In Reversal, Florida Judge Okays Testimony About Trayvon Martin’s Marijuana Usage
Jurors in the George Zimmerman murder trial will be able to hear defense testimony that Trayvon Martin had small amounts of marijuana in his system at the time he was shot to death in February 2012.
In a ruling this afternoon, Judge Debra Nelson rejected a prosecution request to bar a portion of a toxicology report that revealed Martin had been smoking pot at some point prior to Zimmerman killing him with a single gunshot to the heart.
Nelson, who previously granted a prosecution motion to limit testimony about the government toxicology report, reversed herself in the wake of last Friday’s testimony by the medical examiner who performed the Martin autopsy. Zimmerman’s lawyers will apparently introduce findings from the toxicology report through the testimony of a defense witness or via a proffer agreed upon by both sides.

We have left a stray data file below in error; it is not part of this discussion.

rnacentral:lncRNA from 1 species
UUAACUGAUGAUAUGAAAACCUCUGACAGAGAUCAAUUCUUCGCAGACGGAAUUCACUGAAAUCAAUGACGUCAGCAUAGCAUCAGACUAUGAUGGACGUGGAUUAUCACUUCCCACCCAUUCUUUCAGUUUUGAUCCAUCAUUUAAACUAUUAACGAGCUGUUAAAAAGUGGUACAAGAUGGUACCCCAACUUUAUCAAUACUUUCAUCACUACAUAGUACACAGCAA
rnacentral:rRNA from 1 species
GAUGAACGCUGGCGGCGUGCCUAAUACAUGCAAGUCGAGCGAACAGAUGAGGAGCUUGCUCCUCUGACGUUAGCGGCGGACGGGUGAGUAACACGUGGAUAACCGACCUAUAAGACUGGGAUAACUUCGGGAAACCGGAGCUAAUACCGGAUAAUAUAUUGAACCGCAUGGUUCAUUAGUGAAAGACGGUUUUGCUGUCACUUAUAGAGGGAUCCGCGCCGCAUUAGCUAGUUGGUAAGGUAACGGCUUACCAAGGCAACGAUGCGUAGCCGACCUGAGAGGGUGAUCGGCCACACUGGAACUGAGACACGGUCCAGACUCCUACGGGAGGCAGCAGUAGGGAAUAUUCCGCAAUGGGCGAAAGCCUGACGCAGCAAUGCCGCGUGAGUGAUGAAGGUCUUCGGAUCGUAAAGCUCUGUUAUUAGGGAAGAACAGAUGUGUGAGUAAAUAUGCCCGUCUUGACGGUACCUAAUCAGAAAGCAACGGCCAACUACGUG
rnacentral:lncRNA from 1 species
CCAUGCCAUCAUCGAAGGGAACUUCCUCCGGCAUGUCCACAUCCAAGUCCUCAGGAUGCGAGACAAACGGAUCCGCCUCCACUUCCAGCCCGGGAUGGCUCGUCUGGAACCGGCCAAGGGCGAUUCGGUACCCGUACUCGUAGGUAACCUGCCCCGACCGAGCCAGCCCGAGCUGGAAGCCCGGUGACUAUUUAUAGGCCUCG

Medical examiner Shiping Bao told jurors that he had changed his opinion with regard to whether Martin’s marijuana level could have affected his physical or mental state on the night of the shooting. Bao initially concluded that the amount of THC (tetrahydrocannabinol) in Martin’s blood would not have had any impact on the 17-year-old's behavior.
However, during his testimony last week, Bao referenced Martin’s THC level, noting that “Marijuana could have no effect or some effect.”
In Zimmerman’s call to a non-emergency police line, he told a dispatcher that a person he was observing (who turned out to be Martin) appeared to be “on drugs.”
Zimmerman’s lawyers have previously argued that they should be allowed to introduce evidence of Martin’s drug use, pointing to text messages appearing to refer to his use of marijuana. Additionally, the attorneys also unsuccessfully argued for the admittance of a pair of photos of pot plants that were found on Martin’s cell phone. Other recovered images showed a handgun and Martin blowing smoke from his mouth (as seen above).